FRANCES EVALINE PERRY
Written 6 April, 1936, by Frances Perry Snow
Copied by Ruby Snow Jensen
History before I was married
History of Frances Perry, daughter of Stephen Chadwick Perry and Mary Boggs Perry.
I was born in Springville, Utah, April 26, 1864. Our home at that time was where Bagley and Huntington Photograph Gallery now stands. My grandfather's (Asael Perry's) house was just east on the same block.
When I was six weeks old, my mother moved out with Father's first wife, Aunt Ann. She was a wonderful woman. She was just like a mother to my mother and us three children, Hyrum, George and myself, she having five of her own.
We lived there until my grandfather died, then mother moved into his house, it being on the same lot. Their home was on the lot where Brother Hide and Mrs. Ellis now live adjoining the Second Ward Church.
I lived there the early part of my life. When I was 13 years old, my parents moved to Mapleton in April 1877 with their family, Father, Mother and ten children, when all at home, living in a two-room house as long as I was at home. We first lived in one room. It was not finished, only had the sheeting on the roof. There came a heavy snow storm on the 12 of May. When we got up the next morning, the sun came out, the snow began to melt, and you can imagine what shape things were in with the water pouring down on everything. We had to load our few things in the wagon and go back to Springville. They put on two span of horses and it was about all they could do to pull us back to town. Our peas were up and in blossom when this snow storm came. My brother Hyrum was bringing our cows out the night before and it was snowing. There were no roads then, only one or two running zig-zag across the bench, and it being covered with sagebrush and the blinding snow, he lost his way. But he hollered and was close enough to make us hear, so we answered. He was not far from home, but didn't know just where he was.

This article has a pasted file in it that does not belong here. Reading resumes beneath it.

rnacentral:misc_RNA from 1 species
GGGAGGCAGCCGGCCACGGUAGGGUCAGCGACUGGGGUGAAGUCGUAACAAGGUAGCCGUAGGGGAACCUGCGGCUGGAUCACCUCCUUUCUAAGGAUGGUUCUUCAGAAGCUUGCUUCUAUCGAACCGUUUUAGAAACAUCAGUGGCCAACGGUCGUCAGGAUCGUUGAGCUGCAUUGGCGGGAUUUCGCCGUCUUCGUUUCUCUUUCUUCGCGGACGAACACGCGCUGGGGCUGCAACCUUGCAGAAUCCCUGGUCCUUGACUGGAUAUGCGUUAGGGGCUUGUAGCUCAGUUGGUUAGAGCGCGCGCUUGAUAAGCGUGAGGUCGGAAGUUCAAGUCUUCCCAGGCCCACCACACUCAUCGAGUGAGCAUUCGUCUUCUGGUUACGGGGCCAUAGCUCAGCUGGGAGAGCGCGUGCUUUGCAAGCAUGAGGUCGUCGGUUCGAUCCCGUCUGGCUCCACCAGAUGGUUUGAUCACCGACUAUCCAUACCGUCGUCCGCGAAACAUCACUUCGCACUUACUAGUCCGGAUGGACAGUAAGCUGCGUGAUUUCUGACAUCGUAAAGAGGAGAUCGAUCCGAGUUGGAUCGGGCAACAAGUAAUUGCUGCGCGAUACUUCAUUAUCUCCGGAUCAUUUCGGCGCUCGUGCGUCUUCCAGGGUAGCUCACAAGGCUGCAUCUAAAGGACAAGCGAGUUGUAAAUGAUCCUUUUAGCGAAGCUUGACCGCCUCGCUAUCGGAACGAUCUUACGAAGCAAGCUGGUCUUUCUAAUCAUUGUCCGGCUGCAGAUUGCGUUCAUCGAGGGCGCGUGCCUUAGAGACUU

We returned to Mapleton as soon as the weather would permit. They shingled the house and built another room later. I often wonder how we got along, but we enjoyed ourselves working and trying to help each other. I have helped to pile and burn sage brush, to help to clear off the ground, to put in crops, to raise food stuff. I have helped to drive the grasshoppers into trenches. Father and boys would dig long trenches, put in some straw, then we would drive the hoppers in and burn them.